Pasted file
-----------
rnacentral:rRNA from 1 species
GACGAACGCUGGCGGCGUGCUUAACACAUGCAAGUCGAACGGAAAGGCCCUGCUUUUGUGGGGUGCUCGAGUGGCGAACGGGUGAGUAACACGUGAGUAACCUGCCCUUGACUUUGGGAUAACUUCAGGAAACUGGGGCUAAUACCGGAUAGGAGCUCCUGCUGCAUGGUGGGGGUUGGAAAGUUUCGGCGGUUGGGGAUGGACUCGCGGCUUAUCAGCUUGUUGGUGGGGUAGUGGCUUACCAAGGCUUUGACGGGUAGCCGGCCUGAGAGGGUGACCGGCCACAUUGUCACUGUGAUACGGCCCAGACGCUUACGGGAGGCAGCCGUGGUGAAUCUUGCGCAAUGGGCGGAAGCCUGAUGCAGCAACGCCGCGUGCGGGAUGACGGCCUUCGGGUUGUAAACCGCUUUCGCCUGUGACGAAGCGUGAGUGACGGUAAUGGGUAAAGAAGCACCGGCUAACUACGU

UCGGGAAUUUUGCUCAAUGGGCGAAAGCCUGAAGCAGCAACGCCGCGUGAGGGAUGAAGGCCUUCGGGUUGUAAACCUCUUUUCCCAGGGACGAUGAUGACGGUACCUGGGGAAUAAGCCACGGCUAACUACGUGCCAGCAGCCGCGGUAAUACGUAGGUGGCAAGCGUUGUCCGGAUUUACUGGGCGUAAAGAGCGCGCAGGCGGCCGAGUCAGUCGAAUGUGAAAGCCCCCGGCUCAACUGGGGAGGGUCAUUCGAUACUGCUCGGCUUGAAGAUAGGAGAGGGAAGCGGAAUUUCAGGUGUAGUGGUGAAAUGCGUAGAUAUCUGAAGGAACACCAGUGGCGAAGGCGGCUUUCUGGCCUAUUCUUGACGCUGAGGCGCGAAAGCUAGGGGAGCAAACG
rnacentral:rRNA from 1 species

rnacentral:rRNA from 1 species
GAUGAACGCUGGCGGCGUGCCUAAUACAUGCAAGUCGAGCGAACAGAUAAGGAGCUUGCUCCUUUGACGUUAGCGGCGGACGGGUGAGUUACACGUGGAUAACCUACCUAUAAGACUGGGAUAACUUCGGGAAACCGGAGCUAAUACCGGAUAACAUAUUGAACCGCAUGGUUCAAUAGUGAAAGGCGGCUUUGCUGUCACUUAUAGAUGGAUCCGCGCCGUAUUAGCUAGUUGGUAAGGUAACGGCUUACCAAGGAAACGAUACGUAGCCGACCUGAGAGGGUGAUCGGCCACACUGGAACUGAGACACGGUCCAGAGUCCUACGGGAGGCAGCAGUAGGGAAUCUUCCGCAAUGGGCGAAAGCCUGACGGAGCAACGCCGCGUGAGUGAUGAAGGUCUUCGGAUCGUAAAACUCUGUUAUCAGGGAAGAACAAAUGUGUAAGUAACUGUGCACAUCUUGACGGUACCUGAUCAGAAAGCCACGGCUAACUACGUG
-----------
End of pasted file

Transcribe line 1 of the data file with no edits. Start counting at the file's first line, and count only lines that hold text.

rnacentral:rRNA from 1 species